• In response to a Right to Information (RTI) request in 2013, the Central government had revealed that 7,500 to 9,000 orders for interception of telephones are issued by it every month.

    • However, RTI requests for such information are now denied citing threats to national security and to the physical safety of persons.

  • The government, in its purported response, stated that any surveillance which takes place happens through a “due process of law”.

    • However, the existing provisions are insufficient to protect against the spread of authoritarianism since they allow the executive to exercise a disproportionate amount of power.

    • Such surveillance, when carried out entirely by the executive, curtails Articles 32 and 226 of the Constitution (empowering the Supreme Court and High Courts, respectively, to issue certain writs) as it happens in secret.


  1. Emotional objectives: Lateral surveillance is used to further emotional objectives such as community building and strengthening relationships with neighbours Where emotional and social factors act as a driving force. Thus, creating a situation where privacy may be undermined for the betterment of the community.

  2. Tool for social control & exclsuion: Surveillance technologies not only act as a tool for social control but also as a tool for social exclusion.

  3. Discrimination: Lateral surveillance thus makes it easier to discriminate between those who conform to the social norms of the majority.

  4. Culture of ‘hate’ & ‘fear’: State-sponsored lateral surveillance is harmful as it creates a culture of ‘hate’, ‘fear’ and ‘constant suspicion’ against an ‘enemy’.

  5. Fear of crime in society: Wherever the state identifies that it “cannot be everywhere”, it deploys this mechanism. This culture places a duty on people to ‘keep an eye out’ for ‘their own safety’ and this heightens the fear of crime in society.

  6. Increase intolerance, prejudice, xenophobia: Such perceived threats have a tendency to increase intolerance, prejudice, xenophobia and casteism in our society.

  7. Violating the fundamental right: Also violating the fundamental right to privacy, and, consequently, the unfettered expression of free speech and behaviour.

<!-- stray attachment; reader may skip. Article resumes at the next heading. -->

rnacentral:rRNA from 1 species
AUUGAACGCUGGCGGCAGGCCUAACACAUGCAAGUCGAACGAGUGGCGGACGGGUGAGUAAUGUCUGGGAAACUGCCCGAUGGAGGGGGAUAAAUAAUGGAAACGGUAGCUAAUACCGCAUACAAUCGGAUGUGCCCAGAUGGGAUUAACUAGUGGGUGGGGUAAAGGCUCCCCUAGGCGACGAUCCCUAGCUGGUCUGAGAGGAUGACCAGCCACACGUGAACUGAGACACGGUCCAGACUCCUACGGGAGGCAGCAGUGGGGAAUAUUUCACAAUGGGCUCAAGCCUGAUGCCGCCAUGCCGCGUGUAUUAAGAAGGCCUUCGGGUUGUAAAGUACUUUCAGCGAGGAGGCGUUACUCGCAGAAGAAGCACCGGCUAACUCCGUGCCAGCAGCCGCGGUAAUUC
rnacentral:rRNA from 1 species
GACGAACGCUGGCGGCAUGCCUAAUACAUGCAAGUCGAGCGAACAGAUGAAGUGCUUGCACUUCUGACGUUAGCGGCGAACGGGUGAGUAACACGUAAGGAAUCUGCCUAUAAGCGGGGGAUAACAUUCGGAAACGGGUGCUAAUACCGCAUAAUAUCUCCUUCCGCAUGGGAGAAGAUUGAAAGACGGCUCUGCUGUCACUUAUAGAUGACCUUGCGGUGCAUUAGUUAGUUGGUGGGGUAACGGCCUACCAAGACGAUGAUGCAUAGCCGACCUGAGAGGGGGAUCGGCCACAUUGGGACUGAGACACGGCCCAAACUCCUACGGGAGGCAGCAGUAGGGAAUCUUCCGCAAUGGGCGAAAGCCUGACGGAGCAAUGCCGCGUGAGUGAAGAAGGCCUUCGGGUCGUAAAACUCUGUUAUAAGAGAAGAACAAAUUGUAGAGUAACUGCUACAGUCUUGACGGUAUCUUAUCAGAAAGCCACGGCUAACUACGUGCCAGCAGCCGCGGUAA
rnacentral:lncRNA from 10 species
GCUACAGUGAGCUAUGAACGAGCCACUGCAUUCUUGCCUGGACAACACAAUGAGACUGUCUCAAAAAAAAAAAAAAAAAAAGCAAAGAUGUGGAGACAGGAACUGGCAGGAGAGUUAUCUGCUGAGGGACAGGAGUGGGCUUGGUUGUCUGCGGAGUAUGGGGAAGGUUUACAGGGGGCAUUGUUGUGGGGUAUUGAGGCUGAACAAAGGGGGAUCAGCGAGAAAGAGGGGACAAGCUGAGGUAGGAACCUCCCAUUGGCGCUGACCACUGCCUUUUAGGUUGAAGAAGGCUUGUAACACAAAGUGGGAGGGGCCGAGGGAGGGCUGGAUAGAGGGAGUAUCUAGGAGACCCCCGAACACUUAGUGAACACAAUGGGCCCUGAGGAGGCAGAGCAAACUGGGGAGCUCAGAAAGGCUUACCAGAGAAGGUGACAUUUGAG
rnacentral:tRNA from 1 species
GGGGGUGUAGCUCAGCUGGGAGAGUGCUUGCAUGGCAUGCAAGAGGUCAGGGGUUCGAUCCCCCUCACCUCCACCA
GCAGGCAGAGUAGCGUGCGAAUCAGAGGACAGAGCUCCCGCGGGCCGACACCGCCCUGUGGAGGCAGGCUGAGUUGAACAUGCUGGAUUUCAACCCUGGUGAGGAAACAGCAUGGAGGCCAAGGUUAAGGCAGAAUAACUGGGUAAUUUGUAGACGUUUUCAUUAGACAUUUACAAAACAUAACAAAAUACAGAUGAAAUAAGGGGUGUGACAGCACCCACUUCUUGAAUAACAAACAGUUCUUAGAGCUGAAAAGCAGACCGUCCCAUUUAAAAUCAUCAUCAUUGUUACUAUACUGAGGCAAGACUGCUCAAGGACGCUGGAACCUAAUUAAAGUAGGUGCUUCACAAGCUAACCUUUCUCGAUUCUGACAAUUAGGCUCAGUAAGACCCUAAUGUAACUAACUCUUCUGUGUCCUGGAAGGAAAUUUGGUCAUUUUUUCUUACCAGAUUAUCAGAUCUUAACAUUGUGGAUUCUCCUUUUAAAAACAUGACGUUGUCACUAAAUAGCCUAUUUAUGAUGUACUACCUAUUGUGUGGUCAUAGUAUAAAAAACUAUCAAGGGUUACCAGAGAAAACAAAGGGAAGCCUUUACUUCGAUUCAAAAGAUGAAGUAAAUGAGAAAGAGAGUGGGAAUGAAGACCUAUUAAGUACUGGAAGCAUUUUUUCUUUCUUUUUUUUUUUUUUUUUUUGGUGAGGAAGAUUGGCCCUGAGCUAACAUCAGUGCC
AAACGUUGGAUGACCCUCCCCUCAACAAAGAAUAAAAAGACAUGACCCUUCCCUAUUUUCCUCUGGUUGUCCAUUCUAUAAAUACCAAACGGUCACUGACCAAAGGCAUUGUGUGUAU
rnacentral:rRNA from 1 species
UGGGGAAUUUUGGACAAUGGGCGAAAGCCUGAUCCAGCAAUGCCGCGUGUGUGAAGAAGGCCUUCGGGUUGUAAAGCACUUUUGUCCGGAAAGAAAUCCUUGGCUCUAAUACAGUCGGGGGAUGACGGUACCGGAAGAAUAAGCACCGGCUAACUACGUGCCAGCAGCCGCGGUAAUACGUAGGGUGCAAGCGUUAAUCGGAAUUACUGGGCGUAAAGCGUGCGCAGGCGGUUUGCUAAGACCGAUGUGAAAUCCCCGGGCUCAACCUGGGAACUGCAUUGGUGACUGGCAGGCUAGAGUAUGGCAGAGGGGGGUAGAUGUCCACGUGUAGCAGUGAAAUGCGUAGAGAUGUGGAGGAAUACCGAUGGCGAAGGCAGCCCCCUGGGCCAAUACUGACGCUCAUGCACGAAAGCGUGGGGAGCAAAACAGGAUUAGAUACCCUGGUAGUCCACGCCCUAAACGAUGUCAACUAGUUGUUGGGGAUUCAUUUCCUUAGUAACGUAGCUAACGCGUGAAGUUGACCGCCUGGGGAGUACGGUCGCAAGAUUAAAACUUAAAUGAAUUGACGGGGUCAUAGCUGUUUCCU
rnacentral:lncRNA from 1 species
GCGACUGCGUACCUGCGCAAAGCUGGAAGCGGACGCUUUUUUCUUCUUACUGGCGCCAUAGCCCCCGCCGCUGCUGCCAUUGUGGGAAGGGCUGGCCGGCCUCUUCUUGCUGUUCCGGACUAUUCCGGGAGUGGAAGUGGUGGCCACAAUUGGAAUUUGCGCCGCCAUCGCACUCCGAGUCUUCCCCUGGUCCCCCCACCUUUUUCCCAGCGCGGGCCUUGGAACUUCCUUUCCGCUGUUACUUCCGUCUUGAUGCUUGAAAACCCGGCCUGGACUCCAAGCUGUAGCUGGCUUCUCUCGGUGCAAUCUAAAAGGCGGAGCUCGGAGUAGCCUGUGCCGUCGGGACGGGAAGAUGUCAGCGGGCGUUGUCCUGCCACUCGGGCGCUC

• Thus, in order to satisfy the ideal of “due process of law”, to maintain an effective separation of powers and to fulfil the requirements of procedural safeguards and natural justice, there needs to be oversight from another branch of the government.

  • Only the judiciary can be competent to decide whether

    • Specific instances of surveillance are proportionate
    • Whether less onerous alternatives are available
    • To balance the necessity of the government’s objectives with the rights of the impacted individuals


  • The Indian Telegraph Act, 1885 is the enabling legislation in India which governs the use of

    • wired and wireless telegraphy

    • telephones

    • teletype

    • Radio communications and digital data communications

  • It gives the Government of India exclusive jurisdiction and privileges for establishing, maintaining, operating, licensing and oversight of all forms of wired and wireless communications within Indian Territory.

  • It also authorizes government law enforcement agencies to monitor/intercept communications and tap phone lines under conditions defined within the Indian Constitution.

  • The act came into force on 1 October 1885.


  • Surveillance reform is need of the hour in order to protect citizen’s rights and freedom of Press. With proper codified legislation and effective cyber security system it can be achieved in a time manner.

SOURCE: The Hind